People are using gentle parenting to mess with angry older relatives

Generation gap concept.  A young woman and a mature woman look away from each other during conflict or disagreement.  Women stand with their backs to each other.

Basically, the theory is that if adults are acting like children, then you should treat them like one (Image: Getty Images/iStockphoto)

You don’t get to choose your family, as those of us who dread celebratory reunions and events know only too well.

Even if you love your relatives, you may not always agree, which makes table talk uncomfortable at best and downright destructive at worst. Simple small talk can quickly turn into an argument, highlighting generational differences in a pressure cooker situation.

To take the edge off these conflicts, a new trend has emerged among Millennials and Gen Zs; with gentle upbringing to their elder relatives.

The anxious millennial shared a TikTok explaining why he thinks some baby boomers and Gen Xers are showing a lack of emotional maturity because of their upbringing.

Another user, @baddogmiles, commented on the video, “I use gentle parenting techniques on my boomer parents, works like a charm,” which sparked a series of follow-up TikToks.

Gentle parenting is a method that prioritizes two-way communication between a child and their caregiver. For example, instead of punishing them for throwing a tantrum, the parents explain to the child why their behavior might be harmful to themselves and others around them, ask them what upsets them, and discuss how they can do things differently in the future.

Sarah Ockwell-Smith, author of The Gentle Parenting Book, tells ‘It doesn’t mean you don’t have discipline and boundaries.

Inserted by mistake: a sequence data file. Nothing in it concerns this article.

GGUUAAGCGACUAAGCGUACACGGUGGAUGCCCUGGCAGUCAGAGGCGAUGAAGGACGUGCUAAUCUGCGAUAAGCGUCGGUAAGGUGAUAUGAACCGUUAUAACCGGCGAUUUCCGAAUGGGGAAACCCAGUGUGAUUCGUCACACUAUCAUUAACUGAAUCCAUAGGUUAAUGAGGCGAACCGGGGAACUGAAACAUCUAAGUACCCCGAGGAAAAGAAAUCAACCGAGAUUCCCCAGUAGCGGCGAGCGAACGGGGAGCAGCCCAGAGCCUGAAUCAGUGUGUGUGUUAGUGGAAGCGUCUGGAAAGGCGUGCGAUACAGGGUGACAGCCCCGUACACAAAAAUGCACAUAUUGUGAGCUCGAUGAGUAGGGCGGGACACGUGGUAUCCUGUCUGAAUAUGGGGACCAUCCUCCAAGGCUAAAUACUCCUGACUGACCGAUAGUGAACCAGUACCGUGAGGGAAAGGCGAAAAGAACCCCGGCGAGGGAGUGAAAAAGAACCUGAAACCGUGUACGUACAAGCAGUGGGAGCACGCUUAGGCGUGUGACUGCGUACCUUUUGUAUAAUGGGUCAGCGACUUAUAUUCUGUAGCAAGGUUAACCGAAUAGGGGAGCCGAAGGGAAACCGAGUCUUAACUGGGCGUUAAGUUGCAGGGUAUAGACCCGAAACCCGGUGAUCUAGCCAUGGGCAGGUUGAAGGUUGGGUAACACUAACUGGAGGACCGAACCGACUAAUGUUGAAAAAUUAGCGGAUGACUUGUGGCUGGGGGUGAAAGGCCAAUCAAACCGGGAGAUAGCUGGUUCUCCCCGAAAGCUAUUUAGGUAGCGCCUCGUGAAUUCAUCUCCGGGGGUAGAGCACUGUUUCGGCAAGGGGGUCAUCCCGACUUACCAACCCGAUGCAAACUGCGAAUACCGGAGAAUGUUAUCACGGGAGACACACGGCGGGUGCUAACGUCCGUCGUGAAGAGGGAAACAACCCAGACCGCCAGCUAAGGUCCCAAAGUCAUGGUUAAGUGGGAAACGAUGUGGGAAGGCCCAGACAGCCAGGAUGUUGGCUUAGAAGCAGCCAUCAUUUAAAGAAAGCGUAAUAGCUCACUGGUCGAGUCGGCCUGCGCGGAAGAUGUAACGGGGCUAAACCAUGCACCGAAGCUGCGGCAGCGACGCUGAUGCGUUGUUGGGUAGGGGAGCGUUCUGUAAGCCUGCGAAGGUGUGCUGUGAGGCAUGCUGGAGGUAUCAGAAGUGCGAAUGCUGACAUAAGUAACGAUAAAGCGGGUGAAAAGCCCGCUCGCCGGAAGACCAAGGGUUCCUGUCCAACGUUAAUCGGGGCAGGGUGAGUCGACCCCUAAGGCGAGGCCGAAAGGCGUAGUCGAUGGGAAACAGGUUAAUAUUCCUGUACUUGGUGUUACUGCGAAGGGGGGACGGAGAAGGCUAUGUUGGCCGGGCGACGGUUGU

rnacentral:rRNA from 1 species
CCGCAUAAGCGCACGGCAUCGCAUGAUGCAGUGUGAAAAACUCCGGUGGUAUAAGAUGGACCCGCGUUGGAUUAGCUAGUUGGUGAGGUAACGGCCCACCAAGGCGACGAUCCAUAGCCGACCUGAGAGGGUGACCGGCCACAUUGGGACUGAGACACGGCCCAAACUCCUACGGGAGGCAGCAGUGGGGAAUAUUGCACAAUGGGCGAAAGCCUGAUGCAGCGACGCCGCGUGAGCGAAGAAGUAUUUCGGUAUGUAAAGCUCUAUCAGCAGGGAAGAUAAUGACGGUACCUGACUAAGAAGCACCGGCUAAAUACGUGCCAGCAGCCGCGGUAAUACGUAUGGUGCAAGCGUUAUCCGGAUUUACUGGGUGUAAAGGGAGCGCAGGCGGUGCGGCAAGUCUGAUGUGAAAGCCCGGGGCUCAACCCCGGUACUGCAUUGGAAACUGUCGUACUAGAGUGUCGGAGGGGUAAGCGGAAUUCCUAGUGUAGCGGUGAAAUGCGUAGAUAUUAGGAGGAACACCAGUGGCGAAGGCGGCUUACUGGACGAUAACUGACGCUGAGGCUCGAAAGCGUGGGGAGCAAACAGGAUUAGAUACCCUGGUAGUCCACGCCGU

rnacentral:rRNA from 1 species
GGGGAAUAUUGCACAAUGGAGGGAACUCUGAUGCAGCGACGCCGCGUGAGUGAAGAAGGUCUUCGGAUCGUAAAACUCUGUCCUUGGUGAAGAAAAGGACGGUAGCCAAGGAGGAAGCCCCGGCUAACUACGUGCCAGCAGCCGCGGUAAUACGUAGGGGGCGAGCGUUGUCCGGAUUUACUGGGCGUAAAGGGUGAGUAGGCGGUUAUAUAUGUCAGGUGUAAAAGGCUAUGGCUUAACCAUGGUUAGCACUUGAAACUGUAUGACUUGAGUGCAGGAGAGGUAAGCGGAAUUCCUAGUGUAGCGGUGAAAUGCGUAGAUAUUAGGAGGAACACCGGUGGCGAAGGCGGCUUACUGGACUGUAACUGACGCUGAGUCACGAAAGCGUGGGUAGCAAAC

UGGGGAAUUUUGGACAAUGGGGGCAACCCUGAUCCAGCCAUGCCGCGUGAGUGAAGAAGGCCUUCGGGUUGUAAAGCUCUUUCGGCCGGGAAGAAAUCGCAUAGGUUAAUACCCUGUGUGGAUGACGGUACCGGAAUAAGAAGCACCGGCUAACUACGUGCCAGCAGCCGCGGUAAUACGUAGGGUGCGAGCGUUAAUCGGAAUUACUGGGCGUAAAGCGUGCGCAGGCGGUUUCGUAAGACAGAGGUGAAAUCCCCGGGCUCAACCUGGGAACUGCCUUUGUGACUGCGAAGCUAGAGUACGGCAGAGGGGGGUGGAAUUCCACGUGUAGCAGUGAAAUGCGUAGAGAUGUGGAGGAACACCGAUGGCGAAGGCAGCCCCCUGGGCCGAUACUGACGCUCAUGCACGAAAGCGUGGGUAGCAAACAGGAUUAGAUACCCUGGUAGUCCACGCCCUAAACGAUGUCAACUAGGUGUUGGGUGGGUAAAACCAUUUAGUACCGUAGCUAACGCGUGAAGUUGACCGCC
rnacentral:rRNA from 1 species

“You can still say no, you just don’t punish her. You don’t mock them, you don’t shame them. You only support them.”

However, that is not exactly what is happening here.

In a sketch video, The Anxious Millennial played up how the technique might resonate between a younger adult and a particularly argumentative older relative. “Calm down,” the young character urges in soothing tones while the “Boomer” rages on.

Speaking softly, the Millennial says, “We can take our time, and maybe we can revisit the subject of you attacking our neighbor with a shovel later?” to which the Boomer replies, “He started it.”

The videos are just a little bit of a joke, but highlight the desperation of dealing with a loved one who is argumentative or confrontational.

Essentially, the theory is that adults who act like children should be treated like children, and there’s no point in arguing with someone who can’t express themselves effectively.

On the one hand, it might actually open up conversations between generations and defuse tensions, but on the other hand, you might just annoy the person at the end of “parenting.”

“The difference is that children have developing brains,” says Sarah.

“So what you do with kids in their first three years, but really their first 20 years, the way they are treated has literally wired their brains.

“If you do that to adults who are past their childhood and whose brains are ready, you won’t be able to make the same change that you did with children.”

For some, a touch of humor can help calm a hostile atmosphere, and jokingly exaggerating the parental role as a younger person might highlight unreasonable or irrational behavior.

For others, however, the approach can seem condescending and even escalate the situation.